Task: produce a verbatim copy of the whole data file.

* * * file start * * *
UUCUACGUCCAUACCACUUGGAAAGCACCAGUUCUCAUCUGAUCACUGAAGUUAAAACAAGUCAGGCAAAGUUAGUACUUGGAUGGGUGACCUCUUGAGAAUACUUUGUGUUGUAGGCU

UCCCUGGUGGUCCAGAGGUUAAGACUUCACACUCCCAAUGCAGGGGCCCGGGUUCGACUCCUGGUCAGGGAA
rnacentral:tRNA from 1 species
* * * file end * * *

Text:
UUCUACGUCCAUACCACUUGGAAAGCACCAGUUCUCAUCUGAUCACUGAAGUUAAAACAAGUCAGGCAAAGUUAGUACUUGGAUGGGUGACCUCUUGAGAAUACUUUGUGUUGUAGGCU

UCCCUGGUGGUCCAGAGGUUAAGACUUCACACUCCCAAUGCAGGGGCCCGGGUUCGACUCCUGGUCAGGGAA
rnacentral:tRNA from 1 species